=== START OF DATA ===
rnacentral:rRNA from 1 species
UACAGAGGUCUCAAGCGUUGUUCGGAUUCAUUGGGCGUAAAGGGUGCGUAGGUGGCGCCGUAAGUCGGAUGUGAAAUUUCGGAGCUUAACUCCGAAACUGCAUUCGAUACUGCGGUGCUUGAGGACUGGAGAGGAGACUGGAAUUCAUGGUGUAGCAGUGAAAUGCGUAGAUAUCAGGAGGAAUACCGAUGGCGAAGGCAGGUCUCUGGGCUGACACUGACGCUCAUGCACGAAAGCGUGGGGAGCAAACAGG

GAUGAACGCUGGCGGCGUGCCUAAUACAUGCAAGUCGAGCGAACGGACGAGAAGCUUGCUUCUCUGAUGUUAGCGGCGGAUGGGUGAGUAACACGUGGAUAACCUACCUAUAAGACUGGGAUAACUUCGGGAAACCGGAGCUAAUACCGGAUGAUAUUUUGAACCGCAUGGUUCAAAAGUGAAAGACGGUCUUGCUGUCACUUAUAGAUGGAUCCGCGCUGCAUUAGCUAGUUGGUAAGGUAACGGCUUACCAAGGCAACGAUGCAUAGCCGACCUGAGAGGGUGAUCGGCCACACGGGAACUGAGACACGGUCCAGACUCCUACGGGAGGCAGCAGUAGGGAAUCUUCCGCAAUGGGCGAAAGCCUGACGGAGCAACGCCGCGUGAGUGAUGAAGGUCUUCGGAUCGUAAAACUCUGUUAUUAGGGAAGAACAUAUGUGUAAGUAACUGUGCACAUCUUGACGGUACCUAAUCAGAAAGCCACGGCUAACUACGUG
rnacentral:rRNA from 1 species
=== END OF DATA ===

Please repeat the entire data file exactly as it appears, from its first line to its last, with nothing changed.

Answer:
rnacentral:rRNA from 1 species
UACAGAGGUCUCAAGCGUUGUUCGGAUUCAUUGGGCGUAAAGGGUGCGUAGGUGGCGCCGUAAGUCGGAUGUGAAAUUUCGGAGCUUAACUCCGAAACUGCAUUCGAUACUGCGGUGCUUGAGGACUGGAGAGGAGACUGGAAUUCAUGGUGUAGCAGUGAAAUGCGUAGAUAUCAGGAGGAAUACCGAUGGCGAAGGCAGGUCUCUGGGCUGACACUGACGCUCAUGCACGAAAGCGUGGGGAGCAAACAGG

GAUGAACGCUGGCGGCGUGCCUAAUACAUGCAAGUCGAGCGAACGGACGAGAAGCUUGCUUCUCUGAUGUUAGCGGCGGAUGGGUGAGUAACACGUGGAUAACCUACCUAUAAGACUGGGAUAACUUCGGGAAACCGGAGCUAAUACCGGAUGAUAUUUUGAACCGCAUGGUUCAAAAGUGAAAGACGGUCUUGCUGUCACUUAUAGAUGGAUCCGCGCUGCAUUAGCUAGUUGGUAAGGUAACGGCUUACCAAGGCAACGAUGCAUAGCCGACCUGAGAGGGUGAUCGGCCACACGGGAACUGAGACACGGUCCAGACUCCUACGGGAGGCAGCAGUAGGGAAUCUUCCGCAAUGGGCGAAAGCCUGACGGAGCAACGCCGCGUGAGUGAUGAAGGUCUUCGGAUCGUAAAACUCUGUUAUUAGGGAAGAACAUAUGUGUAAGUAACUGUGCACAUCUUGACGGUACCUAAUCAGAAAGCCACGGCUAACUACGUG
rnacentral:rRNA from 1 species